Jack*, a soon-to-be retired member of our elite military forces, sat across from me, his eyes brimming with tears.
“I think I’m done," he said and looked away from the table for a moment to wipe his face and steady his voice.
Moments like these can literally take my breath away. I, too, had to steady my voice, as I asked him what he thought he’d do next.
I'd met Jack not long ago. He came to me bearing the signature wounds of our most recent war engagements: traumatic brain injury (TBI) and post-traumatic stress. Symptoms such as headaches, tinnitus, chronic nightmares, hypervigilance, irritability and sleep apnea plagued him on a daily and nightly basis. To put it mildly, he wasn’t exactly certain that art therapy and expressive writing could even begin to scratch the surface of his deep soul wounds and physical injuries.
As I slowly warmed him up to the idea of creating art as a portal for healing, he started to relate to the idea of art as an outlet… because, he’d said, his teenage daughter was a talented artist, so—worst case scenario—at least he’d have something to talk to her about after playing with some art materials of his own.
He didn’t know he would find deep and meaningful healing in the process.
Jack, like many of our service members, had not only devoted his career to war fighting, but he lent his warrior spirit to protecting human beings across the globe who have been impacted by natural disasters and human trafficking, among other horrific events and atrocities.
It was one of those humanitarian aid deployments that haunted Jack for 6 years going forward, that would become the subject of his healing over the course of a couple weeks in working with me. With respect to his privacy and to his sacred work, I will not share the details of what was created in session.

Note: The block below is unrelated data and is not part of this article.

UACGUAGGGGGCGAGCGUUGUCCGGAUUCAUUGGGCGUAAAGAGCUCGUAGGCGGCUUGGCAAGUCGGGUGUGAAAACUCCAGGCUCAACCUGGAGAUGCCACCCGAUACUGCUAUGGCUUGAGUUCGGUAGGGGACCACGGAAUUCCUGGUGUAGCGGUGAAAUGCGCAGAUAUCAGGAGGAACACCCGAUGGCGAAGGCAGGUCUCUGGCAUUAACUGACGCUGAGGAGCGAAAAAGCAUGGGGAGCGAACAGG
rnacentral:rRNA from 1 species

But I will share that—by engaging in the process and not judging himself for what came up—Jack was able to work through one of his darkest memories to date: a memory of a time in which he could not save a life. Within those dark memories also remained the beautiful truth of his unfaltering ability to care for this particular individual with all of his heart, soul, and physical ability at the time.
In the therapy space, Jack recreated these memories and ultimately decided how to construct a healing ritual that would, at once, both honor the victim’s life and put to rest memories and guilt that would no longer serve him or the person he was trying to protect (even after all these years).
That day, Jack and I sat in front of two of the most beautiful and haunting pieces of personal imagery that I had ever seen. I told him that. Then, without any prompting from me, Jack explained that one piece—the piece that needed to be put to rest after all these years—would be going home with him to be buried in the ground. He would leave the other piece—the symbol of life, innocence, and purity—with me. He knew this was what needed to be done, and I knew it too. With a slight quiver in his voice, and through what I felt as deep gratitude in his heart and mine, he told me, “I think I’m done.”
I feel a calling to work with military service members and veterans to help them find healing through whatever means they require—be it EMDR, art therapy, counseling, mind-body connection approaches, or spiritual work. If you or someone you know is struggling with healing from the invisible wounds of war, such as TBI or combat stress and PTSD, please know that Gada Therapy can help. Reach out to me HERE. For additional reading on healing the warrior’s soul upon return from war, check out this book by Edward Tick.
*Name has been changed to protect confidentiality.